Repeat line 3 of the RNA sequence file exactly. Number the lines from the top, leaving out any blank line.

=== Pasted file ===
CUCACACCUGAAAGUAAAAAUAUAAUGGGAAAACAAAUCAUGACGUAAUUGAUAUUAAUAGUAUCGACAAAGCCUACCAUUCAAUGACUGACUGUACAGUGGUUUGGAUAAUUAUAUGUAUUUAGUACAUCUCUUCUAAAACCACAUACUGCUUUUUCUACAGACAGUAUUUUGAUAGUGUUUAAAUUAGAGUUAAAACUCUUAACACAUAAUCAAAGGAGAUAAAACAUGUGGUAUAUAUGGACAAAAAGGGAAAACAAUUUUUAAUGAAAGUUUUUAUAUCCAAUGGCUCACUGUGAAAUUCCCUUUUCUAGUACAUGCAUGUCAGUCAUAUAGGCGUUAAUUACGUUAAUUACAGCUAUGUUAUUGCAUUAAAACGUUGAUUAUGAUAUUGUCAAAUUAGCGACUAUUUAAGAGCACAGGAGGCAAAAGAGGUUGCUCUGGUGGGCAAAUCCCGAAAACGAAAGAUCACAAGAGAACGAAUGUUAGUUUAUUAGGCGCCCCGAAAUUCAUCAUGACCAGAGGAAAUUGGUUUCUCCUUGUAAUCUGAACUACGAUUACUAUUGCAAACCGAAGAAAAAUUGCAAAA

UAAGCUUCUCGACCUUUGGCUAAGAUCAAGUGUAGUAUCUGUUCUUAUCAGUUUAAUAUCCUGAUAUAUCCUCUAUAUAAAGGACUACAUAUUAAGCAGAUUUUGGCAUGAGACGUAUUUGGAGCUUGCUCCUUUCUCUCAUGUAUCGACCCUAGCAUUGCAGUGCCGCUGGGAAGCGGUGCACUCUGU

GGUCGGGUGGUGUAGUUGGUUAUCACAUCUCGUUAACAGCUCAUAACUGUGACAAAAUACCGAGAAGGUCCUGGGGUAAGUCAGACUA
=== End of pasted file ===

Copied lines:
GGUCGGGUGGUGUAGUUGGUUAUCACAUCUCGUUAACAGCUCAUAACUGUGACAAAAUACCGAGAAGGUCCUGGGGUAAGUCAGACUA